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High-fibre diet helps breast cancer

16th December 2008

Women who do not experience hot flashes as early symptoms of breast cancer tend to have higher levels of oestrogen and lower survival rates than women who do suffer hot flushes.

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This is because high levels of oestrogen can fuel the growth of breast cancer.

Such women would benefit from eating plenty of fruit, vegetables, fibre, and little fat.

This diet cancels out the effect of raised hormone levels, lowering the chance that cancer will return.

The researchers said that the diet may help women who do not respond to hormone treatments such as tamoxifen and aromatase inhibitors.

The diet reduced the chance of recurrent breast cancer by 31% in the group studied over a five-year span by researchers at the University of California in San Diego.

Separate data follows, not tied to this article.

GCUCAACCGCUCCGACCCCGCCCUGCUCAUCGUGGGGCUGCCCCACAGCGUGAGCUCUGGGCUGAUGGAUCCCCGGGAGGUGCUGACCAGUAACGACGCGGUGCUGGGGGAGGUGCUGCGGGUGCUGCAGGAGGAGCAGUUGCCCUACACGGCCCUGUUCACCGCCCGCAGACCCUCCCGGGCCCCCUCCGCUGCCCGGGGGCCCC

The research involved 3,000 women, assigned at random to either the high fruit and fibre diet, or to a control diet including five portions of fruit and vegetables a day.

Around 30% of the women studied experienced hot flashes at the beginning of the study.

Around 15% of those women were assigned to each diet, in order to study the interplay between hormones and diet.

The team found that those on the fibre-rich diet had a significantly lower rate of a second breast cancer event.

The percentages were 16.1%, where 23.6% of the women eating the normal diet provided by the study had a recurrent cancer.

John Pierce of the University of California at San Diego said that reducing the effect of oestrogen is a major treatment strategy in breast cancer.

The researchers' interest in looking at this subgroup came because hot flashes are associated with lower circulating oestrogen levels, and the absence of hot flashes is associated with higher oestrogen levels.

He said that it appears that a dietary pattern high in fruits, vegetables and fibre, which has been shown to reduce circulating oestrogen levels, may only be important among women with circulating oestrogen levels above a certain threshold.

 

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